Speaking of routines and habits, a great way to plan for those would be a reminder in your planner for your morning routine, cleaning routine, evening routine, etc… there’s no need to write out your routine daily but just having a place to check it off can help you to be consistent. I also love using habit trackers in my planners, and some are even coming with them incorporated in now. Pick the top habit or habits you are working towards and track those in your planner daily. If you have a planner that has extra note pages for the month or at the back, you can also map out your routines there, as well, to reference, or if not, use your note taking app in your phone to map them out so you can look back at them until they become something you do naturally.
The next step in your planner is to prioritize your tasks. Some people do this by having a “Top 3” task list that they want to accomplish daily. Tasks could also be split into different categories, such as “urgent” and “extras” so that you complete all of your urgent tasks and move onto the others only if you have time. When you make your to-do list you can assign a number to each task, ordering them in order of importance. This will help you a ton with time management and making sure that the most important tasks are getting done each day.
A great way to separate tasks by type if you are including everything into one planner is by color coding. You can make work tasks one color and home tasks another, or if you have kids that do a lot of extra curricular activities, assign each family member a different color. You can use different colored pens or even different color highlighters.
Using a Planner You Can Add Sections To
Having a planner you can add pages to is where we really get into organizing your physical planner beyond just how to use the sections in your main weekly or daily planner. If you have a ring bound system, or a discbound, or even a digital planner, you’ll have different sections outside of your main planning layouts that you can add to help you be even more organized. Some common sections to add are those for budgeting, fitness, meal planning, and even goal setting. You can create a section to plan for all of the different aspects of your life. You can keep track of your monthly or weekly budget, plan workout plans or track your nutrition, plan out meals for the whole week or month for your family, organize your grocery shopping, and even dig into your big goals and short term goals that you have and how to break those down into your daily or weekly planning. Maybe you are even a business owner and want to have a section just for planning out different aspects of your business.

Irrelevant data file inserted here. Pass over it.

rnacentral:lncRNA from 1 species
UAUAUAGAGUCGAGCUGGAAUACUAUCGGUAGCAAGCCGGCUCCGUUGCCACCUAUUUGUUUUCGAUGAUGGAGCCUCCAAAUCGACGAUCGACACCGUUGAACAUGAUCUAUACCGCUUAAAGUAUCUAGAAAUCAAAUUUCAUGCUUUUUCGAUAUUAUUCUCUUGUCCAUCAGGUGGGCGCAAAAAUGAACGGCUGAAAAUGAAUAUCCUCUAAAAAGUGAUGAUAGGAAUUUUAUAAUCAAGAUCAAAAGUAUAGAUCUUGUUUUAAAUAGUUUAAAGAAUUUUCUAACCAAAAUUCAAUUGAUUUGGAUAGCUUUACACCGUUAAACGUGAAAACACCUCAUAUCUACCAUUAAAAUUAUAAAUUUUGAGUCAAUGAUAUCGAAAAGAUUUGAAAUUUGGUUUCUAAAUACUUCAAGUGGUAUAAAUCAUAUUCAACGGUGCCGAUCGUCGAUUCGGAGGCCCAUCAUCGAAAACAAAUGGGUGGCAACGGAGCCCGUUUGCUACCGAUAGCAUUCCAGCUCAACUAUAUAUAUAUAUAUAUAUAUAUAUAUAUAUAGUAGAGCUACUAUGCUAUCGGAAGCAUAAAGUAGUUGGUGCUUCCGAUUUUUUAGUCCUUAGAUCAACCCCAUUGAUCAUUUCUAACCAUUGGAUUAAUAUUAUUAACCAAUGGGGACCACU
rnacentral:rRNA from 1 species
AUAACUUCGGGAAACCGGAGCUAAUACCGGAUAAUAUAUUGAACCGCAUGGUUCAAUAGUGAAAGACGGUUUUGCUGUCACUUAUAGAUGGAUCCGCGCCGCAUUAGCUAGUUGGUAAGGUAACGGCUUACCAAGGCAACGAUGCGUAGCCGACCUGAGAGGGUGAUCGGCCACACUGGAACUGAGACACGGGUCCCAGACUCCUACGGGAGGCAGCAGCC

Reviewing & Checking Back In
After you’ve planned out your week, do you shut the planner and never look at it again? Or at least, not until the next week or even month? The last thing to do is to make sure you come back and check back into your planner to see if you are accomplishing the things that you said at the beginning of the week were most important. You can reevaluate what you are prioritizing, and see if you are able to complete tasks you set out to, or if you need to reassess your priorities. Doing a weekly review of your past week in your planner is a great way to see what worked and what didn’t. Then, in the upcoming week you can choose to make extra time for different tasks or change things up a little bit.
These methods work whether you are a pen-only planner, or you use planner stickers to help you stay organized. Once you get in the swing of using your planner, you might even find that decorative sticker kits can actually help you organize your layout, if you enjoy using those.
I hope you’ve enjoyed these planner organization tips. Let us know what you are going to try next in your planner, down in the comments below. Also leave any questions and tell me what I should talk about next!